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tv   Ending the Falklands War  BBC News  June 17, 2022 2:30am-3:01am BST

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this is bbc news. the headlines: one of president putin's closest advisers, the foreign minister sergei lavrov, has told the bbc that russia has not invaded ukraine. he's repeated the kremlin line that there is no war, but instead a "special military operation". this comes as russia's invasion of ukraine is almost four months old. a congressional panel investigating last year's storming of capitol hill has heard how former president donald trump tried to pressurise his deputy mike pence to overturn the result of the 2020 election. witnesses say mr trump knew his plan was illegal but insisted mr pence go along with it anyway. the hollywood actor kevin spacey has appeared in court charged with four counts of sexual assault and one of causing a person to engage in sexual
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activity without consent. he strenuously denies the allegations. he's been granted bail and is due to appear in court again next month. now on bbc news, it has been a0 years since the falklands war. today, veterans and their families are still living with the consequences of victory in the falklands. yeah, yeah, yeah. right, i'm ready to go. you can stop to think about an answer, you don't have to do it all in one go — it'sjust a conversation with me and i'll take you — i'll take you through the experiences. you're literally lying face down, pressed yourface into this frozen earth, thinking, "i don't want "to die here.
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"i don't want to die here. "why?" sniffs. yeah. you know, that, i think — well, it was, for all of us, it was hugely traumatic. there's corpses of your enemy, corpses of your friends, you know, just lying there. it had a massive effect on me and i know it had a massive effect on a lot of my friends, too. that scene of horror will never, never leave my mind. not a single day in the last 40 years have gone by when i'vel not thought about it. not one day when i don't think of those boys. - i knew every one of them. on the morning of the second of april, 1982, argentine
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troops invaded the falkland islands. the country's ruling dictatorship had long laid claim to the remote archipelago. en nombre de la... margaret thatcher, against a backdrop of unrest in britain, was determined to take it back. a task force was quickly assembled and steamed 8,000 miles to the south atlantic. no—one was sure how the conflict would play out. but then, controversy — a british submarine sank the argentine ship the general belgrano, killing more than 300 sailors. britain was at war. troops landed at san carlos water on may 21st, 1982. days later, one of the bloodiest battles, goose green. but victory for the parachute regiment. cheering having made hard—fought gains, british forces prepared to advance on the capital, stanley, but tragedy was around the corner and it could alter the course of the war.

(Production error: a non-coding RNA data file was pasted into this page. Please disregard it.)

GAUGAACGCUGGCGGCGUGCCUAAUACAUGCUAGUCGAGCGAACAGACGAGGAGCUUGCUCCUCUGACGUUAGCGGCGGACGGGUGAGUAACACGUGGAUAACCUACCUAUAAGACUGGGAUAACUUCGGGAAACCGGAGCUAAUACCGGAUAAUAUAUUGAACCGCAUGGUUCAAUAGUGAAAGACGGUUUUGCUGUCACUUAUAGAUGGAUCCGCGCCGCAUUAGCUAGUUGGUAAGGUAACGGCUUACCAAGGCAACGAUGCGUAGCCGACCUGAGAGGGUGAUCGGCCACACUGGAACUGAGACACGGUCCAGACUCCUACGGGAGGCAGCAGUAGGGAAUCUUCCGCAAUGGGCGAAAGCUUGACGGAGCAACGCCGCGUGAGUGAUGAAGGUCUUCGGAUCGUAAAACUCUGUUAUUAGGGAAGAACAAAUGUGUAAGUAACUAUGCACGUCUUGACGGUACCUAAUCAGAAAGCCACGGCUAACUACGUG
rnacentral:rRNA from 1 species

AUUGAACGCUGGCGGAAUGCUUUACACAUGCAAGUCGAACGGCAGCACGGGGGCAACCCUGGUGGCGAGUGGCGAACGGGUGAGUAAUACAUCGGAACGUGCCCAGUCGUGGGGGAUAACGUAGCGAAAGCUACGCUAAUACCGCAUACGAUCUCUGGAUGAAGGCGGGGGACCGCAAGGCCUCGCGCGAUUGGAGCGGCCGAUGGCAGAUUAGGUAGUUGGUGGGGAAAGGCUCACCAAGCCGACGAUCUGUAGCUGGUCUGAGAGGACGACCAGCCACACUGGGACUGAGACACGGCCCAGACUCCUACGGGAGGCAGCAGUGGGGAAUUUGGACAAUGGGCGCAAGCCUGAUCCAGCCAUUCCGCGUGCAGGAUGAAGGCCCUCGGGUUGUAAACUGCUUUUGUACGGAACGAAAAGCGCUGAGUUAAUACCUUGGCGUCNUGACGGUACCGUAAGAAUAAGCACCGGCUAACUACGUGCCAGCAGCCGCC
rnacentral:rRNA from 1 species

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a new plan is hatched — to open up a second front, close to the argentine lines, but it's not without risk. to the south, the supply ships sir tristram and sir galahad arrive at an undefended cove. they're packed full of fuel, munitions and solders — mostly welsh guards. they're waiting to come ashore. there's confusion and they're exposed. we go from where we were in battalion headquarters on this motorcycle, cross country. just before we got there, straight over the top of us were five aircraft flew over us. there's been a call gone out, "red, red, red," and then you see skyhawks looping across the sky and suddenly, everybody's shooting at these skyhawks and i'm aiming
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at the pilot, pumping rounds through, and he goes directly overhead — probably not much higher than the ceiling at the moment. i was sat in the main tank deck, watching the cranei operator who was shifting - equipment and the look of pure horror on the crane operator's face and he leapt out - of the crane. instantly, things went - into slow motion and i saw an aircraft fire — - fire above the hatch, and you could tell. that's not a harrier — it looks like a skyhawk. bang and then whoosh. i must�*ve been picked up and thrown about 10—15 foot. bang, the ship got hit. i got hit in the chest with a forklift truck. i fell over, got knocked out. the ship lit up. pure brilliant white. a light went off — - you could feel a whoosh and the heat. running into the tank deck, i was immediately picked up and then thrown back out the way i came. the smoke, the chaos. panic struck in. we ended up in a pile
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of men in the corner of this foot well. the boys at the bottom of the pile were fine, i was in the middle, and the boys at the top were much more burnt as such, yeah. took a couple of gulps of fresh air, had a look. "where's steve jones?" hmm. went back in, he's under the bloody ship's door. took five of us to lift the bloody door off, got him out. i was about — approximately with 20 other men then, and i was in the middle of this corridor. we had to crouch down cos of the smoke. the water through the broken pipes is on the floor. it was probably the most scariest bit that i've been at. the thought was, "which way do you want to die?" that seriously was your decision. were you going to shoot yourself? then, you were thinking, "how would my parents know how "i died?" and that, seriously, was in my mind, you know?